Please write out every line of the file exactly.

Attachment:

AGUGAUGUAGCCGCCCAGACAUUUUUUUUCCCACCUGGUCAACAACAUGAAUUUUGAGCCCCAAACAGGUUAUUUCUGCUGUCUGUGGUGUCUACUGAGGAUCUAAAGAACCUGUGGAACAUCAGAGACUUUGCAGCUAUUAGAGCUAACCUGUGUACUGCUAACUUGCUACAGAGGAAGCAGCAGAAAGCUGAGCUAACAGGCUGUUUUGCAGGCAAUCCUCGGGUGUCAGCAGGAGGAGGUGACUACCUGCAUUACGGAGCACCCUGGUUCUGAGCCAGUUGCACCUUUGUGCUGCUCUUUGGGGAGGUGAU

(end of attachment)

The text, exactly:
AGUGAUGUAGCCGCCCAGACAUUUUUUUUCCCACCUGGUCAACAACAUGAAUUUUGAGCCCCAAACAGGUUAUUUCUGCUGUCUGUGGUGUCUACUGAGGAUCUAAAGAACCUGUGGAACAUCAGAGACUUUGCAGCUAUUAGAGCUAACCUGUGUACUGCUAACUUGCUACAGAGGAAGCAGCAGAAAGCUGAGCUAACAGGCUGUUUUGCAGGCAAUCCUCGGGUGUCAGCAGGAGGAGGUGACUACCUGCAUUACGGAGCACCCUGGUUCUGAGCCAGUUGCACCUUUGUGCUGCUCUUUGGGGAGGUGAU